They’re a crazy blur of darting and hopping feathers most of the time, but every once in awhile one will slow down enough to get a not totally fuzzy shot.

In other good news, those few days of nearly 80º days kicked things into high gear. We have lots of big beans, zucchini, yellow squash, herbs, corn, peas, raddishes, etc.

We even nibbled our first baby radish today. It was a bit small because they were planted late, but we really felt like it was a perfect day for a sacrificial radish.

planting a homestead, growing a farm

I couldn’t possibly tell you how many things we’ve started in the gardens and greenhouse, but it’s a lot. We’re starting with a more “homestead approach” and planting all we know we’ll eat, and adding to that to branch out into full fledged farm over the next year or couple. I guess currently we could be considered tomato, pea and garlic farmers as that’s what we have enough of started to sell, so far. And orchardist offerings, of course. 

The first meandering bed is growing, nicely lined with fallen logs and limbs, and more gifted from the creek. The paths will eventually be lined with wood chips (oh how we dream of owning a wood chipper!!) and access is easy on each side. In the wider spots I’ve put stepping stones for ease of harvesting so I don’t have to step in the soil or squish things. I say “I” only because there will be no lack of ease for my tall fellas — little ladies tend to have short arms, and I’m not even 5’2″. It may not be the best utilization of garden space but I love it!! Next year we’ll add another heap of organic compost and another log to raise them up a bit more, holding them together with an earthen mixture such as is used in cob or strawbale construction. This is 75% planted already with lettuce, a few varieties of kale, peas, raddishes, carrots, onions and spring garlic, plus borage, dill (next to a blank spot for future cucumbers), marigolds and soon, nasturtiums, etc. It’s still funny to me how tall these look in person and how shallow in photos, but you’ll see… it’ll be great!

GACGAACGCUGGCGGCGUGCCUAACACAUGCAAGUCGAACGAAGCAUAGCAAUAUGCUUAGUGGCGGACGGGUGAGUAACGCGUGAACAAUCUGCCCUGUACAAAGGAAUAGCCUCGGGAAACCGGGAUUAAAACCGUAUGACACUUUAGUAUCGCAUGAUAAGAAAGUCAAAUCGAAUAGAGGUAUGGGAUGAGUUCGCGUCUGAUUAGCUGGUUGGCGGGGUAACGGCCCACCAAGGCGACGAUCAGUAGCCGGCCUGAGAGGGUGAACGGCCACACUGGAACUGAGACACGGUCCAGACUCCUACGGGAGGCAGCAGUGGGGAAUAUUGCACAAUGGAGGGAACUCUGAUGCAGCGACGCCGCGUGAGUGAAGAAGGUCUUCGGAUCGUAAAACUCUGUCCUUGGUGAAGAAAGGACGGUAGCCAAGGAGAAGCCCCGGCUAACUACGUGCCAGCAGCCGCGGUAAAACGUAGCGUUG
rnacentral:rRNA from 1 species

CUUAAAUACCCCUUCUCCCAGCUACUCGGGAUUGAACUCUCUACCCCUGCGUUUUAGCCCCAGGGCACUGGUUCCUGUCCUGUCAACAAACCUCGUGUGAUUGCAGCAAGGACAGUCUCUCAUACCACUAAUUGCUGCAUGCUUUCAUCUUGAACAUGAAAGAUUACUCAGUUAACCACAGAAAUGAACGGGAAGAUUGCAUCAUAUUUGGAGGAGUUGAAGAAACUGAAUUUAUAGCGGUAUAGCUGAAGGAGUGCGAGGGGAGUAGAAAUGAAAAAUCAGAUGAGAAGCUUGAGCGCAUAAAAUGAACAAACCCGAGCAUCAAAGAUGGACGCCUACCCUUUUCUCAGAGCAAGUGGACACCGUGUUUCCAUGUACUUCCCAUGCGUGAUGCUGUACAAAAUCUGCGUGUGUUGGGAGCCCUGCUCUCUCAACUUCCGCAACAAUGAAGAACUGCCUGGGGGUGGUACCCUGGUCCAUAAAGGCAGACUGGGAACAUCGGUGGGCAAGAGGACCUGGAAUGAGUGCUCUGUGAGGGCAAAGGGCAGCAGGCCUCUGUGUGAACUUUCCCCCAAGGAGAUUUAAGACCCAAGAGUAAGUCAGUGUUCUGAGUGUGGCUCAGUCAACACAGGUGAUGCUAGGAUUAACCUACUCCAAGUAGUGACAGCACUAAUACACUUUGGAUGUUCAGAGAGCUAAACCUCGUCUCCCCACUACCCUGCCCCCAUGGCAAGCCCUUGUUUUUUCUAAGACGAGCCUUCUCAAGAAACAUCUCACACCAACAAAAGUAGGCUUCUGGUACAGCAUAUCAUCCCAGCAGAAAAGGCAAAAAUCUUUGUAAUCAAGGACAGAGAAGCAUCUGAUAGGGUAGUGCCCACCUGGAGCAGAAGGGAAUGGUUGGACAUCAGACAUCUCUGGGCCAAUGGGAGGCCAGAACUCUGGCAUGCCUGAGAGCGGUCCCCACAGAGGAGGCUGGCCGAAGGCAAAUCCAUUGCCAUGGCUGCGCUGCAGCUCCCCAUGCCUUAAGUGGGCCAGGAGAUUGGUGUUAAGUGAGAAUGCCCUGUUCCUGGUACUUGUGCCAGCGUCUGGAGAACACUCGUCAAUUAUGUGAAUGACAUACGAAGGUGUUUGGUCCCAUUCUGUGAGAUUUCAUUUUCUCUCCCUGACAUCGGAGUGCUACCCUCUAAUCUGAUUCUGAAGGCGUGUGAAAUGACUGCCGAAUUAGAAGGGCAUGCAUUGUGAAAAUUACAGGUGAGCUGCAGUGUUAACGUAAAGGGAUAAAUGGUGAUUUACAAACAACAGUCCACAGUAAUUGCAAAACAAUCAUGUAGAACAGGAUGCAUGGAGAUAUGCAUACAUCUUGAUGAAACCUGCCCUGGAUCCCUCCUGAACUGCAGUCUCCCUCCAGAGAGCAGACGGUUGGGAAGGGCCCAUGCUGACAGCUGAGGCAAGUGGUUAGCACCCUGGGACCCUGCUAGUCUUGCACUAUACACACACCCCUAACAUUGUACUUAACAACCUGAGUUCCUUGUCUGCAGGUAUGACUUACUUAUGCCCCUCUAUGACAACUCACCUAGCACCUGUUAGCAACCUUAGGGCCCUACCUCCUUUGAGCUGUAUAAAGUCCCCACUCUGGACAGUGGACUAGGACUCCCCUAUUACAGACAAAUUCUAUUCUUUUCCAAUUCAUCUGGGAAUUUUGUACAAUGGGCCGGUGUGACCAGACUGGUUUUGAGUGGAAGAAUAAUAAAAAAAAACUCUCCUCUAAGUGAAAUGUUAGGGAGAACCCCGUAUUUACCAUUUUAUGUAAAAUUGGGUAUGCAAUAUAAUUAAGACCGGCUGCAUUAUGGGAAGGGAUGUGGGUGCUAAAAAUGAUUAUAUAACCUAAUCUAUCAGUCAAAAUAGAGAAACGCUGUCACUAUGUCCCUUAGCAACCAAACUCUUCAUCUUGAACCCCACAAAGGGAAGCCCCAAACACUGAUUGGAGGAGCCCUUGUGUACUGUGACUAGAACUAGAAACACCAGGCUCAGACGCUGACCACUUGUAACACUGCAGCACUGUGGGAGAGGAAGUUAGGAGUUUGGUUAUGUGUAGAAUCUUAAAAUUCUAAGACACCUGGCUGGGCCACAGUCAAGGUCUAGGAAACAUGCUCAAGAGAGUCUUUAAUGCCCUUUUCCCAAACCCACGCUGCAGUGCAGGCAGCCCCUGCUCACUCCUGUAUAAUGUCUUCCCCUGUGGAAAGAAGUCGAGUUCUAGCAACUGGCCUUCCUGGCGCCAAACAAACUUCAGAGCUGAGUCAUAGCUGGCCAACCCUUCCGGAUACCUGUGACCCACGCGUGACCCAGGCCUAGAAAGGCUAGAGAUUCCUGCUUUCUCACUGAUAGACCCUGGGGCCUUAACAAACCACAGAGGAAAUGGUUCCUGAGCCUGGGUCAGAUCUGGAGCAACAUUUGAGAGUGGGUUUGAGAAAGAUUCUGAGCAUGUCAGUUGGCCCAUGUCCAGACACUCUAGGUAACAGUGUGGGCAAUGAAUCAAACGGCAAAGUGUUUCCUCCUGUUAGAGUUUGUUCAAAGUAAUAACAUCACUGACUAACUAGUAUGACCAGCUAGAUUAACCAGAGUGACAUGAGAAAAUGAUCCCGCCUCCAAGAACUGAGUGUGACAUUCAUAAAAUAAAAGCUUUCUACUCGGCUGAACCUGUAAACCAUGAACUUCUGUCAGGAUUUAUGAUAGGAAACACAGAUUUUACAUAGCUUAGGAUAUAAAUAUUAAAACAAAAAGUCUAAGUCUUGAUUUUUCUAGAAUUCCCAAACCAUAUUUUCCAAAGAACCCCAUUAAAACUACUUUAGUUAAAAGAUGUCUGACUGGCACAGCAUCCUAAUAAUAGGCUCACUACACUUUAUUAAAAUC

Lots of things are sprouting and growing… peas, kale, chamomile, onions, thyme, tarragon, basil and tomatoes. I only just planted cucumbers and dill so those will be soon, and the rest to follow. Hopefully our eight dozen peppers sprout soon — I have big plans for those babies. I’ll take photos when I don’t have to use a magnifying glass to do so. In the meantime, here’s one of our massive pears in bloom. We’ll have a good 872 pounds of Bartlett. We trimmed all the dead junk out of both (And the old apples) and are all so very happy.